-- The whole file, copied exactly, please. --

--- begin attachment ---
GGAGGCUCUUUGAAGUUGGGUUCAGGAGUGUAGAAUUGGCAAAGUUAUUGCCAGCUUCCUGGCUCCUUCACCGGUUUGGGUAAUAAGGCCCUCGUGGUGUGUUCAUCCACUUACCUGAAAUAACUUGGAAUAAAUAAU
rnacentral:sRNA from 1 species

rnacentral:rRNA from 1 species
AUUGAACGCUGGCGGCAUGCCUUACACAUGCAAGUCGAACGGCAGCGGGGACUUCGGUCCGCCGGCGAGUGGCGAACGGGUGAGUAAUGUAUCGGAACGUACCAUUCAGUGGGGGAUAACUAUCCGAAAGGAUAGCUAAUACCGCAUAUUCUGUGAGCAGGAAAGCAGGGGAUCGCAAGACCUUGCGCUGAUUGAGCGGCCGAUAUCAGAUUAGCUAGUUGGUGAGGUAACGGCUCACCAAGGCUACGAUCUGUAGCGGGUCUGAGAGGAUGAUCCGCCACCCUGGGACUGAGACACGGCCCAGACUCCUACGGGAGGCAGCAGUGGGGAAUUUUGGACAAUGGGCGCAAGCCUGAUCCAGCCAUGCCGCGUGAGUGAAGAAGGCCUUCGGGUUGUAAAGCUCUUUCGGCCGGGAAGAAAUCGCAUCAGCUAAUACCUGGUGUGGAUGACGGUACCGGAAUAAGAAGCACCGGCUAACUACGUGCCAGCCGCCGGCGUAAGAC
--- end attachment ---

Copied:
GGAGGCUCUUUGAAGUUGGGUUCAGGAGUGUAGAAUUGGCAAAGUUAUUGCCAGCUUCCUGGCUCCUUCACCGGUUUGGGUAAUAAGGCCCUCGUGGUGUGUUCAUCCACUUACCUGAAAUAACUUGGAAUAAAUAAU
rnacentral:sRNA from 1 species

rnacentral:rRNA from 1 species
AUUGAACGCUGGCGGCAUGCCUUACACAUGCAAGUCGAACGGCAGCGGGGACUUCGGUCCGCCGGCGAGUGGCGAACGGGUGAGUAAUGUAUCGGAACGUACCAUUCAGUGGGGGAUAACUAUCCGAAAGGAUAGCUAAUACCGCAUAUUCUGUGAGCAGGAAAGCAGGGGAUCGCAAGACCUUGCGCUGAUUGAGCGGCCGAUAUCAGAUUAGCUAGUUGGUGAGGUAACGGCUCACCAAGGCUACGAUCUGUAGCGGGUCUGAGAGGAUGAUCCGCCACCCUGGGACUGAGACACGGCCCAGACUCCUACGGGAGGCAGCAGUGGGGAAUUUUGGACAAUGGGCGCAAGCCUGAUCCAGCCAUGCCGCGUGAGUGAAGAAGGCCUUCGGGUUGUAAAGCUCUUUCGGCCGGGAAGAAAUCGCAUCAGCUAAUACCUGGUGUGGAUGACGGUACCGGAAUAAGAAGCACCGGCUAACUACGUGCCAGCCGCCGGCGUAAGAC